On Wednesday, Bernie Sanders had lunch at the Chieftain, a cozy pub near the San Francisco Chronicle. In days gone by, it served as a lunch spot for parched journalists. Earlier, Sanders had addressed a rally in San Jose; he had another scheduled in Vallejo, California, that night. When he exited the Chieftain by a back door onto Howard Street, passers-by shouted out his name.
A man who hailed Sanders as his "hero" asked the Democratic presidential hopeful to pose for a photo. There were more selfies with more fans who could not believe their luck in stumbling upon a potential president. No jacket, no tie, two pens in his shirt pocket, Sanders took his time heading toward the motorcade.
I had raced down Fifth Street to catch the scene. After all, how often do San Franciscans have a chance to see one of the three top remaining candidates in a presidential race mingling with strangers? Supporters didn't have to pay $250 to $27,000 for a ticket that would put them in a banquet hall with front-running Democratic presidential candidate Hillary Clinton. Clinton also has held some rallies open to the public and free, but her modus operandi is hardly strictly grass-roots.
In those few moments, it was easy to see why Sanders has caught on with young voters. As Sanders told Chronicle staff writer Joe Garofoli on Wednesday, "if you want a candidate who is out working and speaking with people rather than hanging out raising money from millionaires, I think the choice is pretty clear."
The choice between Sanders and Clinton is stark: Rumpled versus professionally styled. Poll-defying versus poll-tested. "One of the poorer members of the U.S. Senate" versus one half of a $111 million-net-worth couple. Insurgency versus establishment. Enthusiasts versus operatives.
At the Chronicle editorial board this month, Sanders was personable, but he was disappointing on substance. And it had happened before.
On April 1, Sanders met with the New York Daily News editorial board. He stumbled over questions about how he would break up the big banks. "How you go about doing it is having legislation passed or giving the authority to the secretary of treasury to determine, under Dodd-Frank, that these banks are a danger to the economy over the problem of too-big-to-fail," he answered. Probed further, Sanders said he didn't know whether the Federal Reserve has the authority to break up the banks, but he thought the administration "can have" that power. In other words, he had given little thought to the mechanics and had no plan to execute his big dream. He failed to demonstrate even the slightest understanding as to which agencies have the authority to do what he wants done or how a bank breakup might affect the economy of (say, just for the sake of argument) New York.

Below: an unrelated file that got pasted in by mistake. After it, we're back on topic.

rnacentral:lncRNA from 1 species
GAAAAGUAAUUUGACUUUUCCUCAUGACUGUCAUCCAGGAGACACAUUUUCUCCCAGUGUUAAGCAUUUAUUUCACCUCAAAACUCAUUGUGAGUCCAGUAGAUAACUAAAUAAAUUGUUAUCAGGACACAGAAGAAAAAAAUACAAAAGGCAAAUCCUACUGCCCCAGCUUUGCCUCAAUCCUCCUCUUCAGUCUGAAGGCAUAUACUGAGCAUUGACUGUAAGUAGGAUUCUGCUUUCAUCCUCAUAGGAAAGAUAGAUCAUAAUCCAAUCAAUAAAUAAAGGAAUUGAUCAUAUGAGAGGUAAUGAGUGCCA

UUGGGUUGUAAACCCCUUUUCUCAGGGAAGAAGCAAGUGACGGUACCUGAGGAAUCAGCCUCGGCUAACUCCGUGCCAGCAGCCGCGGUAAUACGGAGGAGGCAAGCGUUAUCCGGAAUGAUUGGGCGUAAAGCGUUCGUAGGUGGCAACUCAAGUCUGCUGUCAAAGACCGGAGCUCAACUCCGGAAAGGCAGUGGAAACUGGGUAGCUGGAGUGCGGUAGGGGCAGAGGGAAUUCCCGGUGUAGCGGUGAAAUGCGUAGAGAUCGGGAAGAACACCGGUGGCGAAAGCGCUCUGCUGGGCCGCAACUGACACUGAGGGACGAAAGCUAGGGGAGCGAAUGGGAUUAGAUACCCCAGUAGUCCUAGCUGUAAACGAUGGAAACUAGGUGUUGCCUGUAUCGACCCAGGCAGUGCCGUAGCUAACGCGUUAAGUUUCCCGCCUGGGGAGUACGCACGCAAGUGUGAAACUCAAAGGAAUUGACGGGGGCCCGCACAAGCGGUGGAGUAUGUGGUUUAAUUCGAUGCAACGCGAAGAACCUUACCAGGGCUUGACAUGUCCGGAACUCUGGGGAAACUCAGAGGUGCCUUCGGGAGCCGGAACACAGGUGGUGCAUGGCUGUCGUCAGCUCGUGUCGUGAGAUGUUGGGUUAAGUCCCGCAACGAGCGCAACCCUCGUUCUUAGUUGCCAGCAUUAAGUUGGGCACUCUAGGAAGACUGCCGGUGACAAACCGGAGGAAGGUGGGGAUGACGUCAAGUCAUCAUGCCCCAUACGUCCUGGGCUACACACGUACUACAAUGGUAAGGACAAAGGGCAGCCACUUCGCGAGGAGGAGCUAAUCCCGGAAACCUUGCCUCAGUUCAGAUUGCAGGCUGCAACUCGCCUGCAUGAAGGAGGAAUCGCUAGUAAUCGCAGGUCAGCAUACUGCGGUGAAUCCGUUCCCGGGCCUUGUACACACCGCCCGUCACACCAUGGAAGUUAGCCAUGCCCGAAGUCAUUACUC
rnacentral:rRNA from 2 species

The Washington Post's Chris Cillizza described the meeting as "pretty close to a disaster," with "the Daily News pressing Sanders for specifics and asking him to evaluate the consequences of his proposals, and Sanders, largely, dodging as he sought to scramble back to his talking points."
By the time Sanders made it to San Francisco, he was on notice that editorial boards expect more thoughtful answers. He had more than a month to bone up on his signature issue. But when the Chronicle's business editor, Owen Thomas, asked Sanders whether he would break up Wells Fargo, Sanders said he could not answer definitively. He moved to his talking points — "three out of four of the largest banks today are bigger than they were when we bailed them out because they were too big to fail" — railing against the revolving door. He asserted that Section 121 of Dodd-Frank gives the treasury secretary the power to "determine which banks, if they failed, could cause systemic damage to our economy" and that he "would break them up." But according to Fortune magazine, that provision gives that authority to a large board on which the treasury secretary sits.
Maybe it's just me, but shouldn't a man who has been railing against the big banks from sea to shining sea know which banks are so big that he would have to sic the government on them to pare them down to size? Sanders boasted that he would not name a treasury secretary who has worked at Goldman Sachs. The question is: Would he appoint someone who understands how Goldman Sachs works?
Likewise, Sanders had no real plan to work with Congress to push through the legislation to advance his revolutionary goals. He said he has learned that it is impossible to work with Republicans. But no worries. If voters send him to the White House, then there will be a "political revolution" that pressures Congress to work with him.
That tells me that if elected, Sanders is destined to fail.
He hits Clinton for being too close to Goldman Sachs — and he's right. So how does he work with Democrats in Congress?
I've talked to people who watched the video of Sanders meeting with the Chronicle editorial board. They have asked me why campaign staffers didn't do a better job of prepping the candidate. Actually, that should not be necessary. Sanders has been a member of Congress since 1991. Income inequality is his pet issue. He should not need staff to explain to him what banks are doing wrong and what the government can do to correct the imbalance.
Electing Sanders to fix what ails Wall Street would be like hiring me to fix your car.